Earlier last week, social marketeers heard those dreaded five words that invariably send them scurrying to their fainting couches: “Facebook changes news feed algorithm.” It’s true that multi-million dollar businesses live or die by the whims of Facebook (see Zynga and LiveSocial), but if you simply use the social aspects to market your business, there’s no need to hyperventilate. Understanding the secret algorithm sauce can empower you and ensure your marketing efforts won’t stumble after the latest Facebook algorithm change.
What is the the algorithm? And why does it keep changing?
When a user views their Facebook feed, they see a collection of recent posts from their friends, groups, and liked pages. For very active users, this can quickly become upwards of thousands of posts. Rather than simply display this massive list to the user (as Twitter does), Facebook applies it’s magic algorithm and shows the user only the top posts it thinks will be interesting to the user. It makes sense — Facebook wants you to like using Facebook. A rather large number of factors play into how the posts get ranked, including the actual content of the post, the number of engagements a post has, how often the user has engaged in posts like this one, who made the post, and more.
Here’s a great video directly from Facebook’s F8 conference on how the news feed works:
But what exactly are the factors used to determine if an article shows up? Well, no one really knows. The exact inner workings of Facebook’s algorithm is a closely guarded secret within the company. Since offering paid promotion into the top posts for users is the center of Facebook’s business model, it is not really in the company’s best interest to let marketers easily peek into the algorithm and game the system on the cheap. Facebook tweaks the algorithm every so often to either quash any gaming of the system or to promote a new feature. For example, when Facebook introduced and started heavily promoting native video, they tweaked the algorithm to strongly prefer this video over links to external sites like YouTube. Marketers who noticed that their video posts were reaching more users than other posts responded by promoting a ton of video content to provide awareness for their brands.
[pullquote align=”right” color=”#69AE22″]The exact inner workings of Facebook’s algorithm is a closely guarded secret within the company.[/pullquote]
As a marketer, why should I care?
In the eyes of the almighty algorithm, not all posts are created equal. And unless you are planning on sponsoring all your posts in Facebook, you need to know what will and won’t get past the Facebook filters to reach your potential market. In order to ensure your marketing efforts aren’t in vain, you need to keep the algorithm in mind as you are posting.
What is in the latest Facebook algorithm change?
According to Facebook, the latest changes call out two specific topics: how long a user spends interacting with the topic of a post, and post diversity.
Did you notice how when you click a link within the Facebook on your mobile device that the article pops up in a “Facebook browser”, and not in your mobile device’s browser? This is Facebook’s way of measuring how long you spend interacting with the article. This amount of time will now be factored into where a post gets ranked.
The second change has to do with the diversity of posts. Facebook users complained that they don’t like seeing several posts in a row from the same source. So Facebook tweaked the news feed to introduce more “diversity”. This most likely means that frequency of posting may be marked against a post’s rank in a user’s news feed. Lots of posts don’t necessarily result in lots of views.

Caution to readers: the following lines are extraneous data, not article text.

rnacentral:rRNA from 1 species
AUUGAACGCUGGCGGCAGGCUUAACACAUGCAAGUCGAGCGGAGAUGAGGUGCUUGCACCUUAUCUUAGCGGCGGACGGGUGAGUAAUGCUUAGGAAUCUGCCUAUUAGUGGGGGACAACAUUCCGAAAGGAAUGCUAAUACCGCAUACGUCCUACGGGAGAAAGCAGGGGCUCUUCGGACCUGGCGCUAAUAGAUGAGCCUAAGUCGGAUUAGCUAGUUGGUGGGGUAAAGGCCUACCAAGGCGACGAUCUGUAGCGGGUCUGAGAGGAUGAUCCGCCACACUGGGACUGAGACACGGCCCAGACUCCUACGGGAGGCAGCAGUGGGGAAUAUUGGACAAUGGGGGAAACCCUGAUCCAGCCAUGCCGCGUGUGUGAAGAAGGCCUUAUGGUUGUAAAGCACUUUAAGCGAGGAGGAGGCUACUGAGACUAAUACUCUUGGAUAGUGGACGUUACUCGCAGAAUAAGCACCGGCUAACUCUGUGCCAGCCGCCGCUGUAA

What does this mean for our social media strategy?
[pullquote align=”left” color=”#69AE22″]As a marketer, these changes mean you need to start thinking hard about quality instead of quantity.[/pullquote]
Ultimately these Facebook algorithm changes are a way of dealing with “clickbait” content — those gimmicky posts that lead to awful, ad-ridden sites that a user closes as quickly as they opened it. The company has spent significant time and resources courting quality content providers, and letting this content get buried beneath a mountain of spam would hurt these initiatives and kill the user experience. You can be sure that Facebook has a cautious eye on the slow collapse of Twitter as they make these changes.
As a marketer, these changes mean you need to start thinking hard about quality instead of quantity. If you are not creating compelling, interesting content (and instead posting BUY! BUY! BUY! 17 times a day) Facebook will simply ignore your posts. Good original content is favored for organic visibility over tons of little, uninteresting posts. There’s also an emphasis on variety — if you only post links to your own blog, for example, Facebook will penalize your posts for being too “samey”. Change the content of your posts frequently, switching between pictures, videos, links, and (as much as it may pain you) the occasional picture of kittens.
How can I tell what is working or not working for my audience?
Unfortunately, there is no quick and easy way to know.
At LMC, we do a weekly review of the organic reach of our posts using Facebook’s Insights feature. We check what has reached and engaged the most users and what has not. Based on those results, we adapt our strategy. If a certain type of post frequently receives poor marks, we give it a hard look, tweak it, and try something different. We also take a close look at the number of posts we have made versus their reach and engagement. There is a definite “over-posting” effect, and finding that golden number of posts per week can take some time.
Constantly evolving and refining your social media strategy is a surefire path to success and will insulate you future Facebook algorithm changes.